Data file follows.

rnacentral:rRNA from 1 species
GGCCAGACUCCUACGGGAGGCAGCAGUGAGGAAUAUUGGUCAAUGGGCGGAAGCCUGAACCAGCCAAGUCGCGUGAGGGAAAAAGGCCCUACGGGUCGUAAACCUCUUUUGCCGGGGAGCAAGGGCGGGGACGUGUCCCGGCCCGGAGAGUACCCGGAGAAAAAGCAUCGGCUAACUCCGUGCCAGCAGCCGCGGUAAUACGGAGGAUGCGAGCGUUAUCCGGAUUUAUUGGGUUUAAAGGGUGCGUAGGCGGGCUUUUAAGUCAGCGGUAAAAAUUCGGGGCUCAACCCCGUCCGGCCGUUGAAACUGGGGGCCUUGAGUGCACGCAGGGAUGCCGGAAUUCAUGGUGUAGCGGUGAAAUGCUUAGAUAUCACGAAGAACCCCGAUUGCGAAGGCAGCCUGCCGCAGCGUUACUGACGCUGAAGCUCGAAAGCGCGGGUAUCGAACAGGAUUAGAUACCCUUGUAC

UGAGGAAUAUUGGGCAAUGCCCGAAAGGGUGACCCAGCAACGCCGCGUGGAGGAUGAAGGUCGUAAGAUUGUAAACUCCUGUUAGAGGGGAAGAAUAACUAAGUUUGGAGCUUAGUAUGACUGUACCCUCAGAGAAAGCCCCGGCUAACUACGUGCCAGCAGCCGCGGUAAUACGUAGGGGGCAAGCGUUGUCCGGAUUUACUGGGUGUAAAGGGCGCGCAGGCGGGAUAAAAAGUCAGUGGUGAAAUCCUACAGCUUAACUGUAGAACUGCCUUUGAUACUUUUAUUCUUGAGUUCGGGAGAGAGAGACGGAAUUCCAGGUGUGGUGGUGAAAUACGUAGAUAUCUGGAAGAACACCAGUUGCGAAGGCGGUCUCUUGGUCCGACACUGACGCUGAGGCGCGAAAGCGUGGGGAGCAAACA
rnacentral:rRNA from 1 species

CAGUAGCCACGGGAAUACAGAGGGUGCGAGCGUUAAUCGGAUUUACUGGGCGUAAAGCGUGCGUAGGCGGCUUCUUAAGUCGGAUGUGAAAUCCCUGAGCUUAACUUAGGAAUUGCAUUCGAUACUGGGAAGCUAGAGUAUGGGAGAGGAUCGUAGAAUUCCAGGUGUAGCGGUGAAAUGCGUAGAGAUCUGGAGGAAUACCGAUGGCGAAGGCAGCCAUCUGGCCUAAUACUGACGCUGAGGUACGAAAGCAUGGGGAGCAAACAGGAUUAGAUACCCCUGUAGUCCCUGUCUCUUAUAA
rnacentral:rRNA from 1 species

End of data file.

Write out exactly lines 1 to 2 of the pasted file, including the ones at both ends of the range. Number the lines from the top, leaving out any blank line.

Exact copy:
rnacentral:rRNA from 1 species
GGCCAGACUCCUACGGGAGGCAGCAGUGAGGAAUAUUGGUCAAUGGGCGGAAGCCUGAACCAGCCAAGUCGCGUGAGGGAAAAAGGCCCUACGGGUCGUAAACCUCUUUUGCCGGGGAGCAAGGGCGGGGACGUGUCCCGGCCCGGAGAGUACCCGGAGAAAAAGCAUCGGCUAACUCCGUGCCAGCAGCCGCGGUAAUACGGAGGAUGCGAGCGUUAUCCGGAUUUAUUGGGUUUAAAGGGUGCGUAGGCGGGCUUUUAAGUCAGCGGUAAAAAUUCGGGGCUCAACCCCGUCCGGCCGUUGAAACUGGGGGCCUUGAGUGCACGCAGGGAUGCCGGAAUUCAUGGUGUAGCGGUGAAAUGCUUAGAUAUCACGAAGAACCCCGAUUGCGAAGGCAGCCUGCCGCAGCGUUACUGACGCUGAAGCUCGAAAGCGCGGGUAUCGAACAGGAUUAGAUACCCUUGUAC